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Tim Kaine says he won’t back Mike Pompeo as secretary of state

Kaine voted for Pompeo as director of the CIA. He says he’ll oppose him at State.

Senator Rand Paul has also said he’s a no on Pompeo as Secretary of State.
Sen. Rand Paul has also said he’s a no on Pompeo as secretary of state.
Mark Wilson/Getty Images

Sen. Tim Kaine (D-VA) voted to confirm Mike Pompeo as CIA director, but he will oppose him as secretary of state, citing the director’s “anti-diplomacy disposition.” Kaine sits on the Senate Foreign Relations Committee, which held a confirmation hearing for Pompeo this week. “I have decided to oppose the nomination of Mike Pompeo as Secretary of State,” he said in a statement. “I honor his public service and voted for him to be CIA Director. But in scrutinizing his nomination to be America’s principal diplomat, I cannot overlook grave doubts about his anti-diplomacy disposition.”

Pompeo’s hawkishness on Iran and North Korea and his support of President Donald Trump’s decision to bomb Syria while insisting former US President Barack Obama not take military action there appeared to seal the deal for Kaine, who painted the director as a political figure beholden to an overly aggressive Trump. “Now more than ever, we need a Secretary of State who will stand strong for vigorous U.S. diplomacy,” his statement read. “I believe that Mike Pompeo would exacerbate President Trump’s weaknesses rather than uphold our diplomatic legacy. For this reason, I will vote against his nomination.”

Kaine had previously telegraphed his doubts about voting for Pompeo for secretary of state. “I’m still weighing it, but I’ll tell you, I walked in with serious questions and they weren’t really laid to rest yesterday by his testimony,” Kaine said on CNN on Friday. Kaine was one of two Foreign Relations Committee Democrats to vote in favor of Pompeo at the CIA.

Pompeo’s confirmation isn’t a sure thing

Pompeo needs the support of committee Democrats if he hopes to win confirmation as America’s top diplomat. Sen. Rand Paul (R-KY) has said he won’t vote for Pompeo, and Sen.John McCain (R-AZ) is at home receiving treatment for cancer. Sen.Jeanne Shaheen (D-NH), the other committee Democrat who voted in favor of Pompeo at the CIA, has expressed doubts about him as secretary of state as well. And Republicans have only a slim 51-49 majority in the Senate right now. John Sullivan, former deputy secretary of state, is currently acting secretary of state.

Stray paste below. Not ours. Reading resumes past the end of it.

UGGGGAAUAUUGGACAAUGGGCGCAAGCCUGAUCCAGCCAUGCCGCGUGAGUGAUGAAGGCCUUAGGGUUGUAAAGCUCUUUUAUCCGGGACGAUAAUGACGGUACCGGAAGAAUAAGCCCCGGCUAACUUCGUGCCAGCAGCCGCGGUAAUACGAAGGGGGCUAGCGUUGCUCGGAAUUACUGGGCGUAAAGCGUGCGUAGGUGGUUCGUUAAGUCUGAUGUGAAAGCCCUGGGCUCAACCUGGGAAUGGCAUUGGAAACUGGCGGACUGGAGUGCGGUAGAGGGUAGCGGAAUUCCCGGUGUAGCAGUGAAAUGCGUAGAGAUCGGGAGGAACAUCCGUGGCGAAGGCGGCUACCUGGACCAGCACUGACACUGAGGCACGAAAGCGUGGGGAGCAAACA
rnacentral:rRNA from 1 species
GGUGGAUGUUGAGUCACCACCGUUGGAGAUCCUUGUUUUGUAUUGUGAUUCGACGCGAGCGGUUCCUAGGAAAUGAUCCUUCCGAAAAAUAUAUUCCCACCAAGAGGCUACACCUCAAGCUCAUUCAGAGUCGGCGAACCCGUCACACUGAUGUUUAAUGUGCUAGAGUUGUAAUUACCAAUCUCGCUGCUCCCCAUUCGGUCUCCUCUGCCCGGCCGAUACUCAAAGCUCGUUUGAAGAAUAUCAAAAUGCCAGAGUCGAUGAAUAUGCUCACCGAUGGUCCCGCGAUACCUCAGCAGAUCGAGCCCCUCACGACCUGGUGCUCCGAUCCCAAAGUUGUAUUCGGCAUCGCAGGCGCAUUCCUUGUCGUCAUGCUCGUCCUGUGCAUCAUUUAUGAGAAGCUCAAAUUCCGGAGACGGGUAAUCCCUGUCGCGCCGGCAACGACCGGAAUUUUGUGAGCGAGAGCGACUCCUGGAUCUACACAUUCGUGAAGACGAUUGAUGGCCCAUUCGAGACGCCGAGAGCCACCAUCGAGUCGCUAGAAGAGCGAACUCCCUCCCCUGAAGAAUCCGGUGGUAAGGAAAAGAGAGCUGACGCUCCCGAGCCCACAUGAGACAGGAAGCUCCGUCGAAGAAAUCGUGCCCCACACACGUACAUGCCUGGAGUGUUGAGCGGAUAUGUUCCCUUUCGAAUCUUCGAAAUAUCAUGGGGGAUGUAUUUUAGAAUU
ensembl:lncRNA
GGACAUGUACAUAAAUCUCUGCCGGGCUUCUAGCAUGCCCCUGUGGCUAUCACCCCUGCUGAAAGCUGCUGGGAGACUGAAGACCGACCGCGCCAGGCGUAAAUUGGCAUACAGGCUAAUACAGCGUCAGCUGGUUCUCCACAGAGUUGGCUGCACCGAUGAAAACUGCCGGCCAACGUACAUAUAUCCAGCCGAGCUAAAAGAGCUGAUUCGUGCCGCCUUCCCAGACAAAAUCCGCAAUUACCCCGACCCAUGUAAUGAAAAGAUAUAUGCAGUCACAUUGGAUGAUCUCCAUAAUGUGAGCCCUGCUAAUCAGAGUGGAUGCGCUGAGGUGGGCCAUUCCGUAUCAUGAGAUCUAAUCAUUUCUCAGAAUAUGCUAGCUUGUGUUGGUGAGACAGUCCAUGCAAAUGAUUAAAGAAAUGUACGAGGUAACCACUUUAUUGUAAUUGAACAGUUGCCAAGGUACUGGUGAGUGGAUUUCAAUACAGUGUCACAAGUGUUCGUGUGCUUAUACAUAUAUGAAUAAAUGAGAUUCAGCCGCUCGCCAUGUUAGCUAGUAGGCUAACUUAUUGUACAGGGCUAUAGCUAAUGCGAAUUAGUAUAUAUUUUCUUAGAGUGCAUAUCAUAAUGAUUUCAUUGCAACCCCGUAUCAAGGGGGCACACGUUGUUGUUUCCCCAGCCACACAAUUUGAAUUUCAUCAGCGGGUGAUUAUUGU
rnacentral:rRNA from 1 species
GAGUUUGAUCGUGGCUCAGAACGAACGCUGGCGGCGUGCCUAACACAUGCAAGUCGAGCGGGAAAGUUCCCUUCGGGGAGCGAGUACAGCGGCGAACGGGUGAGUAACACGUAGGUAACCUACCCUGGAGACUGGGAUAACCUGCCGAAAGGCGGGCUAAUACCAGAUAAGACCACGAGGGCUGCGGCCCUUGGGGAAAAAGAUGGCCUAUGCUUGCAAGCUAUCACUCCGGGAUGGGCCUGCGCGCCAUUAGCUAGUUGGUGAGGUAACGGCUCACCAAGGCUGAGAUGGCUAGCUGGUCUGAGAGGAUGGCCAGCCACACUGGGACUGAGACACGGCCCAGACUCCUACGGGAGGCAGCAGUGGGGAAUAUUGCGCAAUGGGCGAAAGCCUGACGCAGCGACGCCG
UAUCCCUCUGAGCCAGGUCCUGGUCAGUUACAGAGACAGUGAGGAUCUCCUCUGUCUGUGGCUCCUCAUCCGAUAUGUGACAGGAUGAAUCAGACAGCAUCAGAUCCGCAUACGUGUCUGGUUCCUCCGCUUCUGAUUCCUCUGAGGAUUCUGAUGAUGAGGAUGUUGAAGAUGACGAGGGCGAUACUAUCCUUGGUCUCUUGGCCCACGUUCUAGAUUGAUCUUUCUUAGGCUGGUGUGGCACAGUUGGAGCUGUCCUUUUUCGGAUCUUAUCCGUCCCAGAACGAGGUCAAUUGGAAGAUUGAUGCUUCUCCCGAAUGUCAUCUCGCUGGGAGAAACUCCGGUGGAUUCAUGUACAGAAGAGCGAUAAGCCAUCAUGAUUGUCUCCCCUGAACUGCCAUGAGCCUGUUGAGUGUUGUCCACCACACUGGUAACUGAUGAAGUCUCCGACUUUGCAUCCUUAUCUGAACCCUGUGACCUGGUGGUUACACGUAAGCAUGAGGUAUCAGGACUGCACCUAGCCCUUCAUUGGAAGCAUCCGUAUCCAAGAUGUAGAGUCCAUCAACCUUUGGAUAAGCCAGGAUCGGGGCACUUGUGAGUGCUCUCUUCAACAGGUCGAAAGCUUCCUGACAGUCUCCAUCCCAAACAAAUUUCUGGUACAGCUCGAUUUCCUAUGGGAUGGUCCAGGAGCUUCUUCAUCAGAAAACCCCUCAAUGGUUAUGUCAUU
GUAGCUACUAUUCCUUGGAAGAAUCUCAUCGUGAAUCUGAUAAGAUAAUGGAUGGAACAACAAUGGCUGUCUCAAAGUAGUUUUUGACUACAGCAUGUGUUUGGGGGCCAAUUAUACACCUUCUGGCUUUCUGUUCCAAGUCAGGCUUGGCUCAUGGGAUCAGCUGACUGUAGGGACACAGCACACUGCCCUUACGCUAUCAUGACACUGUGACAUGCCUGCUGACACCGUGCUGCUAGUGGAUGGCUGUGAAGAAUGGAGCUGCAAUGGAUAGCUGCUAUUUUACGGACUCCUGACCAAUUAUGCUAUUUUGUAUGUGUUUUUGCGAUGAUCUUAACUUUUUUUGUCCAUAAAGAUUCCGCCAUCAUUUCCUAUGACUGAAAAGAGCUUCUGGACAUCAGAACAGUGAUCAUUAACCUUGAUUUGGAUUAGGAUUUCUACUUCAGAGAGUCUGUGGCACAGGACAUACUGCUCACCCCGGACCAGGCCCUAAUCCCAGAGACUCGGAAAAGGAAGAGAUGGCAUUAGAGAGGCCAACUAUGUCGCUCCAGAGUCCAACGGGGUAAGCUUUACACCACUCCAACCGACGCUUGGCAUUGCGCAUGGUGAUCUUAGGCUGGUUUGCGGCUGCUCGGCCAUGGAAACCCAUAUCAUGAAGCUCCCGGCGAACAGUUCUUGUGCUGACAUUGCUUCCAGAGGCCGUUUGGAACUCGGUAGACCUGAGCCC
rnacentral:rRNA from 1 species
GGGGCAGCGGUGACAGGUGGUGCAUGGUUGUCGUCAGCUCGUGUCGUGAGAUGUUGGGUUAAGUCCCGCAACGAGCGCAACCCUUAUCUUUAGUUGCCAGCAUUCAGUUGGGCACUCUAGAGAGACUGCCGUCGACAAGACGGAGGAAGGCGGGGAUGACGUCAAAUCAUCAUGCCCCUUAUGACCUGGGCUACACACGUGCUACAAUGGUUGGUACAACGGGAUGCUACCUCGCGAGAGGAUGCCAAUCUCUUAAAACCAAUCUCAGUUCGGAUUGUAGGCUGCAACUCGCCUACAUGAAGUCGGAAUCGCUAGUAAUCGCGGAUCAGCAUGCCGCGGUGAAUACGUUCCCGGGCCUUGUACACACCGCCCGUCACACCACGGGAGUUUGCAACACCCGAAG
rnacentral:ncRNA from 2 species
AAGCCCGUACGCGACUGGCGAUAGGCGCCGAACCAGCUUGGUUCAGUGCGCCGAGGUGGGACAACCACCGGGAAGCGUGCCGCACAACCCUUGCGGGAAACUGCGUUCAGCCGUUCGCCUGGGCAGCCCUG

Not having someone permanently in charge of the State Department, especially given tenuous situations in Iran, North Korea, and Syria, is obviously problematic. The department was eroded under Rex Tillerson, who left the office without any major accomplishments —he also pushed to slash “inefficiencies” at the department, resulting in the resignation of 60 percent of its top-ranking career diplomats.

Trump has numerous other appointed positions throughout the government that he has not yet filled. He often blames that on Democrats, but in many cases, it’s the president who hasn’t nominated anyone.

Mike Pompeo is pretty intense

Pompeo is a former three-term Republican Congress member. He’s known for his hawkish stance on Iran and his grilling of Hillary Clinton over Benghazi. Trump has grown to like him as director of the CIA, and they’ve developed a close relationship over Pompeo’s daily intelligence briefings.

Vox’s Alex Ward, who has a complete explainer on Pompeo and his background, laid out some of the controversy surrounding him and what his appointment might mean:

There’s reason to worry about Pompeo’s credibility and honesty. He repeatedly misrepresented the Russia assessment, stating that the intelligence community concluded Moscow had no effect on the vote’s final result when in reality it made no judgments on that.

If confirmed, Pompeo will bring his more hawkish worldview to the State Department. He’s supported keeping the US prison at Guantanamo Bay, Cuba, open, defended the CIA’s use of torture in the past, and sees Iran and “radical Islamic terrorism” as top national security threats — all positions closely aligned with those of Trump.

That suggests Pompeo will hew closer to Trump’s worldview than Tillerson has, which has far-reaching implications for US foreign policy.

During Thursday’s Senate hearing, Sen. Cory Booker (D-NJ) grilled Pompeo about his past associations with prominent anti-Muslim ideologues. Sen. Bob Menendez (D-NJ) pointed out Pompeo’s multiple conflicting statements, noting that much of what he said at the hearing does not line up with positions he’s taken in the past on issues such as the use of military force, Islam, and LGBTQ rights. “As we close here, I am trying to think about which Mike Pompeo I will be asked to vote on,” he said. It looks like the path ahead for Pompeo’s confirmation is anything but clear.